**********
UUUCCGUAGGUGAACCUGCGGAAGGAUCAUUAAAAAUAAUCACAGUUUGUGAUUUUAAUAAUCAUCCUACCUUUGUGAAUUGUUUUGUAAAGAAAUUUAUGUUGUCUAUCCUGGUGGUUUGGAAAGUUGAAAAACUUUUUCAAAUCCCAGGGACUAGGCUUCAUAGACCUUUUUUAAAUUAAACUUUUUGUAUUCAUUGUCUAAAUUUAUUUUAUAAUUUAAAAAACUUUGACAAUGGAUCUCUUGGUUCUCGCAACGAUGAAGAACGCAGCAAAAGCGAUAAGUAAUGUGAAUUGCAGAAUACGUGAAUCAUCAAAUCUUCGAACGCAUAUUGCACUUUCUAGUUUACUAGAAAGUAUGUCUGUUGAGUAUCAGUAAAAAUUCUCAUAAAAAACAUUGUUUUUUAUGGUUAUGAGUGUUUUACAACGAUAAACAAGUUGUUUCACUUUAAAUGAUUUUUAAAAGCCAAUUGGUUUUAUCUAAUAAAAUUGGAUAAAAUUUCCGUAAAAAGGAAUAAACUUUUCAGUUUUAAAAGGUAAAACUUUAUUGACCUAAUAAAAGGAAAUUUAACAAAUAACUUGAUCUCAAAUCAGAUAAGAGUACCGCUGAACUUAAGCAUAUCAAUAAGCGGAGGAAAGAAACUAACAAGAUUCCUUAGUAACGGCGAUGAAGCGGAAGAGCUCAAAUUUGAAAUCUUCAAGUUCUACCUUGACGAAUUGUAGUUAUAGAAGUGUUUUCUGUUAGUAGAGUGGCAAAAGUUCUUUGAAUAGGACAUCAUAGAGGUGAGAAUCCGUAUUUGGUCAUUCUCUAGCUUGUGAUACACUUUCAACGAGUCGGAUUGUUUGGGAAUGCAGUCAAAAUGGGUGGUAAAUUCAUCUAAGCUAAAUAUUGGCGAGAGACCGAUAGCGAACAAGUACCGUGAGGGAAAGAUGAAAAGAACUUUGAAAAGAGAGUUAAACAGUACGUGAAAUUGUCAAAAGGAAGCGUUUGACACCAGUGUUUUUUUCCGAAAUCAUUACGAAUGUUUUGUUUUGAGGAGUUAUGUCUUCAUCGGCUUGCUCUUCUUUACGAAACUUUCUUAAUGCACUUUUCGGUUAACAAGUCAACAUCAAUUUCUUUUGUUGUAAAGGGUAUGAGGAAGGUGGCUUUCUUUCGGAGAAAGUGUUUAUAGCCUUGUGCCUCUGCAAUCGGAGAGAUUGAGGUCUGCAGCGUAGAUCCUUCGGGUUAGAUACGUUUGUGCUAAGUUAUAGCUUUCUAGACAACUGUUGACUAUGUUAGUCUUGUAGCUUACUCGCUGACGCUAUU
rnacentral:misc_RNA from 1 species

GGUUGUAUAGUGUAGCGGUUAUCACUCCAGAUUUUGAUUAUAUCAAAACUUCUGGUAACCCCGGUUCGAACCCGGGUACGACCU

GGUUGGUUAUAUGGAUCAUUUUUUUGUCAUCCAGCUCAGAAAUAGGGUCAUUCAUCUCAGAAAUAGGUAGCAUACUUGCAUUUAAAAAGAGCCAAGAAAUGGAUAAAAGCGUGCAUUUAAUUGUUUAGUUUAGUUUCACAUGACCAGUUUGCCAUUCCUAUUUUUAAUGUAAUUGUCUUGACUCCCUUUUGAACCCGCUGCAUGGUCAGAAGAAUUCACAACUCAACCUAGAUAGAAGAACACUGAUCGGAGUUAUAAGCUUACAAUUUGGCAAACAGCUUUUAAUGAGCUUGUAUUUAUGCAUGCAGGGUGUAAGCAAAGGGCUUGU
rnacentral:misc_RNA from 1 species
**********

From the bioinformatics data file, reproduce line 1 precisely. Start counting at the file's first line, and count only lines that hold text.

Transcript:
UUUCCGUAGGUGAACCUGCGGAAGGAUCAUUAAAAAUAAUCACAGUUUGUGAUUUUAAUAAUCAUCCUACCUUUGUGAAUUGUUUUGUAAAGAAAUUUAUGUUGUCUAUCCUGGUGGUUUGGAAAGUUGAAAAACUUUUUCAAAUCCCAGGGACUAGGCUUCAUAGACCUUUUUUAAAUUAAACUUUUUGUAUUCAUUGUCUAAAUUUAUUUUAUAAUUUAAAAAACUUUGACAAUGGAUCUCUUGGUUCUCGCAACGAUGAAGAACGCAGCAAAAGCGAUAAGUAAUGUGAAUUGCAGAAUACGUGAAUCAUCAAAUCUUCGAACGCAUAUUGCACUUUCUAGUUUACUAGAAAGUAUGUCUGUUGAGUAUCAGUAAAAAUUCUCAUAAAAAACAUUGUUUUUUAUGGUUAUGAGUGUUUUACAACGAUAAACAAGUUGUUUCACUUUAAAUGAUUUUUAAAAGCCAAUUGGUUUUAUCUAAUAAAAUUGGAUAAAAUUUCCGUAAAAAGGAAUAAACUUUUCAGUUUUAAAAGGUAAAACUUUAUUGACCUAAUAAAAGGAAAUUUAACAAAUAACUUGAUCUCAAAUCAGAUAAGAGUACCGCUGAACUUAAGCAUAUCAAUAAGCGGAGGAAAGAAACUAACAAGAUUCCUUAGUAACGGCGAUGAAGCGGAAGAGCUCAAAUUUGAAAUCUUCAAGUUCUACCUUGACGAAUUGUAGUUAUAGAAGUGUUUUCUGUUAGUAGAGUGGCAAAAGUUCUUUGAAUAGGACAUCAUAGAGGUGAGAAUCCGUAUUUGGUCAUUCUCUAGCUUGUGAUACACUUUCAACGAGUCGGAUUGUUUGGGAAUGCAGUCAAAAUGGGUGGUAAAUUCAUCUAAGCUAAAUAUUGGCGAGAGACCGAUAGCGAACAAGUACCGUGAGGGAAAGAUGAAAAGAACUUUGAAAAGAGAGUUAAACAGUACGUGAAAUUGUCAAAAGGAAGCGUUUGACACCAGUGUUUUUUUCCGAAAUCAUUACGAAUGUUUUGUUUUGAGGAGUUAUGUCUUCAUCGGCUUGCUCUUCUUUACGAAACUUUCUUAAUGCACUUUUCGGUUAACAAGUCAACAUCAAUUUCUUUUGUUGUAAAGGGUAUGAGGAAGGUGGCUUUCUUUCGGAGAAAGUGUUUAUAGCCUUGUGCCUCUGCAAUCGGAGAGAUUGAGGUCUGCAGCGUAGAUCCUUCGGGUUAGAUACGUUUGUGCUAAGUUAUAGCUUUCUAGACAACUGUUGACUAUGUUAGUCUUGUAGCUUACUCGCUGACGCUAUU